Once participants lost significant amounts of weight through bariatric surgery, this excess brain activity was brought down to normal levels. The part of the brain that was affected is tied to cognitive functions such as planning, strategizing and organizing; however it is also linked with Alzheimer's disease. Researchers think that losing significant weight through bariatric surgery can not only improve cognitive brain functionality, but can also lead to reduced risk in Alzheimer's disease.

Read the full study here.

Share this article:   Share on FacebookTwitterShare on LinkedinE-mail article


Submit your papers today for the Appetite journal's special weight stigma issue
TOS
It is well known that weight stigma and discrimination can be detrimental to the health of individuals with obesity. To help combat this issue, the editors of the journal Appetite are creating a special weight bias issue to examine the relationship between weight stigma and eating behaviors.

The special issue aims to advance this field of research by bringing together new findings about weight stigma and eating behaviors. Multidisciplinary approaches and perspectives are welcome.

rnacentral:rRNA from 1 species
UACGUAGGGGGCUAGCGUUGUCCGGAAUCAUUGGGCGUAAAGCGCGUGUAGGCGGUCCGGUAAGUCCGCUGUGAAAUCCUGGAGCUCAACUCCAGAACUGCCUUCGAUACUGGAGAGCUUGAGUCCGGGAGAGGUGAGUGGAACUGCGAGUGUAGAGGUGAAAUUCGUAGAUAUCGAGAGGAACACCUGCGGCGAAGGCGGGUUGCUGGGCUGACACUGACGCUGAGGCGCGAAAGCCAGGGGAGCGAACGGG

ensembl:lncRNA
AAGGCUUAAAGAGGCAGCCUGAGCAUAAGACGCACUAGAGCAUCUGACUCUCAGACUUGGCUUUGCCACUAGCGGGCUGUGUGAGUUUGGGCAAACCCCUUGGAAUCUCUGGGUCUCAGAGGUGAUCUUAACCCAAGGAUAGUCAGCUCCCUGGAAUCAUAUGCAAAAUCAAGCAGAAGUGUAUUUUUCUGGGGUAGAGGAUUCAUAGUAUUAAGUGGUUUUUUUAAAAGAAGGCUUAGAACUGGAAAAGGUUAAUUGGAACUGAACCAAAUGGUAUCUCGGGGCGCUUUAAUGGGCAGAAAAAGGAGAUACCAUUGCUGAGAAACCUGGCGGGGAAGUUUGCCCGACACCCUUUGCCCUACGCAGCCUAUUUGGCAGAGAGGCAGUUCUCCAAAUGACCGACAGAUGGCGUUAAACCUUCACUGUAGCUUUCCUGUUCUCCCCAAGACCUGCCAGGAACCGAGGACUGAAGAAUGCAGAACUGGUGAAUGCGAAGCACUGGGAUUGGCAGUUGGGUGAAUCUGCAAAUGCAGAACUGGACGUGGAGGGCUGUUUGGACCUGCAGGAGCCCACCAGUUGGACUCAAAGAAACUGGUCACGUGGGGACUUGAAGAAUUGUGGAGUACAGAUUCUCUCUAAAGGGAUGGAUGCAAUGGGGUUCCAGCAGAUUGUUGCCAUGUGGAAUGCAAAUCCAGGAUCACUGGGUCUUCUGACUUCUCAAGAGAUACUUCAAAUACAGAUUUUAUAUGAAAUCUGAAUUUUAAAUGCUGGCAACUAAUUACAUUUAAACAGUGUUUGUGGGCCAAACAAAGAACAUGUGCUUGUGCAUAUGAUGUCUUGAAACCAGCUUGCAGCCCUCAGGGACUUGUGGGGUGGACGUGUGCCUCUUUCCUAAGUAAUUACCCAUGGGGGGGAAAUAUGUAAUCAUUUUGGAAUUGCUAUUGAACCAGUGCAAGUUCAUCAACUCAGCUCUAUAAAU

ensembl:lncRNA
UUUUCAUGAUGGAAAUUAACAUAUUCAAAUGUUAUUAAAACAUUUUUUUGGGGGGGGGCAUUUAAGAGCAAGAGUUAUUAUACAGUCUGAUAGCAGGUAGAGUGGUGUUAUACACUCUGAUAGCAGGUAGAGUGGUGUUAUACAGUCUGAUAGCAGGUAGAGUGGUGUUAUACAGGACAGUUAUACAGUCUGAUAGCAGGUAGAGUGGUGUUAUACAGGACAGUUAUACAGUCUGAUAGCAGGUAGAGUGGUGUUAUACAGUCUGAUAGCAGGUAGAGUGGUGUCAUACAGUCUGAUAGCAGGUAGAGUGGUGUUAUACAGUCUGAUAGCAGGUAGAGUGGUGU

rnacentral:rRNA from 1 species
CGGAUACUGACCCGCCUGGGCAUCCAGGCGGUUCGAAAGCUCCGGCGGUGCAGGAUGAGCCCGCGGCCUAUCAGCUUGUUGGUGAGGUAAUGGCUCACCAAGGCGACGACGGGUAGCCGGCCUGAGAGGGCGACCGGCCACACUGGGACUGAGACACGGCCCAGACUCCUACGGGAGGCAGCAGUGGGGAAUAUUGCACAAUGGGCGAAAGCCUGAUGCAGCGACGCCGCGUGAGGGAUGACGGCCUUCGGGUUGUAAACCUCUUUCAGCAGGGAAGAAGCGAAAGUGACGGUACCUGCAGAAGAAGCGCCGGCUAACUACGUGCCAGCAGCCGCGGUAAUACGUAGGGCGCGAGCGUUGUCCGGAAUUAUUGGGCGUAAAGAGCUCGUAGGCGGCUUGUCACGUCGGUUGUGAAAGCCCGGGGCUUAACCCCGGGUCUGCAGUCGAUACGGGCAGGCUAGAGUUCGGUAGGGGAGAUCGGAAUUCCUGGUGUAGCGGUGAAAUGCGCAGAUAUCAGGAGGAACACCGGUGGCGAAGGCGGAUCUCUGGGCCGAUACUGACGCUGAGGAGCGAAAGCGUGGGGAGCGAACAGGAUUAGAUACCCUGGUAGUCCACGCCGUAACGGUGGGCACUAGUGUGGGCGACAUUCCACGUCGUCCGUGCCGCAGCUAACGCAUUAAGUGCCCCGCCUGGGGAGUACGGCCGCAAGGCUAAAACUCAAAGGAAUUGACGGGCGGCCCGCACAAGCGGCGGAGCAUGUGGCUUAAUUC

Interested researchers can submit their papers here between August 2014 and September 2015. The issue is expected to publish in January 2016. Additional information and submission requirements are available here.

You can also read more about The Obesity Society's efforts to reduce weight bias here.

Share this article:   Share on FacebookTwitterShare on LinkedinE-mail article


Advertisement
SPONSORED CONTENT


Calling all obesity educators: the Obesity Medical Education Interest Group is looking for you!
TOS
The new Obesity Medical Education Interest Group (OME Interest Group) will bring educators together to share and discuss interactive curricula for obesity medical education. With the diversity of its membership, we believe TOS's educators can provide a significant pedagogical contribution to medical and allied health universities and postgraduate teaching institutions.

The OME Interest Group will have its inaugural meeting during ObesityWeek on Wednesday, November 5 from 7:00 - 8:00 am at the Westin Hotel to discuss and develop the agenda for the coming year. If you are interested in attending, please contact Deborah Bell at dbell@obesity.org to receive further information.

We look forward to meeting you at ObesityWeek!

Share this article:   Share on FacebookTwitterShare on LinkedinE-mail article


eHealth/mHealth Reading Corner
TOS